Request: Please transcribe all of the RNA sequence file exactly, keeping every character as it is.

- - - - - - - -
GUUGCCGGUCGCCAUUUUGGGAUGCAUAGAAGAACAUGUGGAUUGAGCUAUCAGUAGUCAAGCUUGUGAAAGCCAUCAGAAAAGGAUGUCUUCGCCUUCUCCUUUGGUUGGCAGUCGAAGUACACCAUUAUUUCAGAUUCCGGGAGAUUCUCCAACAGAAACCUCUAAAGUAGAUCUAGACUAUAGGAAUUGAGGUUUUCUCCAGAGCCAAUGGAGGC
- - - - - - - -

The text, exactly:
GUUGCCGGUCGCCAUUUUGGGAUGCAUAGAAGAACAUGUGGAUUGAGCUAUCAGUAGUCAAGCUUGUGAAAGCCAUCAGAAAAGGAUGUCUUCGCCUUCUCCUUUGGUUGGCAGUCGAAGUACACCAUUAUUUCAGAUUCCGGGAGAUUCUCCAACAGAAACCUCUAAAGUAGAUCUAGACUAUAGGAAUUGAGGUUUUCUCCAGAGCCAAUGGAGGC